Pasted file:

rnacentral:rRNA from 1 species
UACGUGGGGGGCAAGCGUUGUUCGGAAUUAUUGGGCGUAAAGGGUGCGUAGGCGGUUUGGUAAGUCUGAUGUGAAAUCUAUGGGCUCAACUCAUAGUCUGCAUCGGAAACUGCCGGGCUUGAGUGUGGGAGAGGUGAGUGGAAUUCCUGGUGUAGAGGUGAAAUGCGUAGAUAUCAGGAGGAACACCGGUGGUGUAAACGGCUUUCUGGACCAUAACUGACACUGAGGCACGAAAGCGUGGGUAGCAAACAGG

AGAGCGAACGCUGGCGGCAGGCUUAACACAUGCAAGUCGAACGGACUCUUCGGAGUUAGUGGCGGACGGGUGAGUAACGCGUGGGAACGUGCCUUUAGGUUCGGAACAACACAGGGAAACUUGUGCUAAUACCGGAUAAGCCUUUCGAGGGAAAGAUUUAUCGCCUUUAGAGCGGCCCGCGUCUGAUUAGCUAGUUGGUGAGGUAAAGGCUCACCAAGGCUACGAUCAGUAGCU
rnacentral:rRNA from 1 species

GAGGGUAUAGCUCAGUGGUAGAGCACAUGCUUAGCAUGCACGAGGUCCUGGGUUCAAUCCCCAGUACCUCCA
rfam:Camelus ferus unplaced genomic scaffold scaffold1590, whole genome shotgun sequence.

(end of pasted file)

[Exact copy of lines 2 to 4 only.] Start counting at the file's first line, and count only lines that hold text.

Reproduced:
UACGUGGGGGGCAAGCGUUGUUCGGAAUUAUUGGGCGUAAAGGGUGCGUAGGCGGUUUGGUAAGUCUGAUGUGAAAUCUAUGGGCUCAACUCAUAGUCUGCAUCGGAAACUGCCGGGCUUGAGUGUGGGAGAGGUGAGUGGAAUUCCUGGUGUAGAGGUGAAAUGCGUAGAUAUCAGGAGGAACACCGGUGGUGUAAACGGCUUUCUGGACCAUAACUGACACUGAGGCACGAAAGCGUGGGUAGCAAACAGG

AGAGCGAACGCUGGCGGCAGGCUUAACACAUGCAAGUCGAACGGACUCUUCGGAGUUAGUGGCGGACGGGUGAGUAACGCGUGGGAACGUGCCUUUAGGUUCGGAACAACACAGGGAAACUUGUGCUAAUACCGGAUAAGCCUUUCGAGGGAAAGAUUUAUCGCCUUUAGAGCGGCCCGCGUCUGAUUAGCUAGUUGGUGAGGUAAAGGCUCACCAAGGCUACGAUCAGUAGCU
rnacentral:rRNA from 1 species